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Robert D. Belding and Gail R.W. Lokaj

`Biscoe' and `Encore' peach [Prunus persica (L.) Batsch] trees were treated in two years with AVG at 7, 14, or 21 days before first harvest (DBFH) or as a nontreated control (NTC). Fruit were harvested every 2 to 3 days based on observed initial yielding of fruit flesh and ground color. Fruit were further evaluated for maturity and quality based on the production of ethylene, ground color, diameter, flesh firmness, soluble sugars, and woolliness. Evaluations occurred 1 day after harvest and after 14 and 28 days in cold storage. AVG applications delayed early harvests of `Biscoe', but `Encore' harvests were not affected. Across all preharvest treatment timings, AVG reduced ethylene production by 64%. Ethylene production and fruit softening were most inhibited for fruit treated with AVG 7 DBFH. In this study, fruit treated with AVG demonstrated a significant negative correlation between fruit ethylene production and firmness. Average flesh firmness of fruit from AVG treatments were 11.8 Newtons greater than NTC fruit. Fruit treated 21 or 14 DBFH exhibited greener ground color than NTC fruit or fruit treated 7 DBFH. The NTC fruit had the highest ground color values, fruit treated 7 DBFH were intermediate, and fruit treated 21 or 14 DBFH had the lowest values for ground color. AVG has potential use as a management tool for controlling the timing of harvest and for allowing fruit to ripen more slowly and to hang longer on the tree, thus improving fruit size. In addition, AVG assists in maintaining the postharvest flesh firmness required to withstand handling during marketing. Chemical name used: aminoethoxyvinylglycine (AVG).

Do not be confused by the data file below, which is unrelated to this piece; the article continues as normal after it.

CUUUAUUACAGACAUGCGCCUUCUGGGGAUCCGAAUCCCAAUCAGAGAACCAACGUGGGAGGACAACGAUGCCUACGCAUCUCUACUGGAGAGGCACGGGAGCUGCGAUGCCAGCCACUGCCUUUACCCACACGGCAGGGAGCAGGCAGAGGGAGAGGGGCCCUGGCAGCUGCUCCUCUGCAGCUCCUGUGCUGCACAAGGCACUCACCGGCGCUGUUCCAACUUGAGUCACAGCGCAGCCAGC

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Robert D. Belding, Bradley A. Majek, Gail R.W. Lokaj, Jeffrey Hammerstedt, and Albert O. Ayeni

Peach (Prunus persica) trees were established and grown from 1996 to 1999 at the Rutgers Agricultural Research and Extension Center, Bridgeton, N.J., to compare performance under four methods of orchard floor preparation: flat no-till, flat cultivated, mound unmulched, and mound mulched orchard floors. The experimental site was flat and the soil was a well-drained Aura gravelly sandy loam (61% sand, 31% silt, 8% clay) with a pH of 6.5, cation exchange capacity 5.7, and organic matter content of 2.0%. Soil moisture holding and gas exchange capacity determine the efficacy of mounding in peach orchards. Under these conditions, the method of orchard floor preparation had no effect on peach tree trunk cross sectional area (TCSA), fruit number per tree, fruit size, and yield. Thus, without irrigation, there was no advantage to the early performance of peach trees associated with orchard floor mounding on Aura gravelly sandy loam when situated on a flat terrain.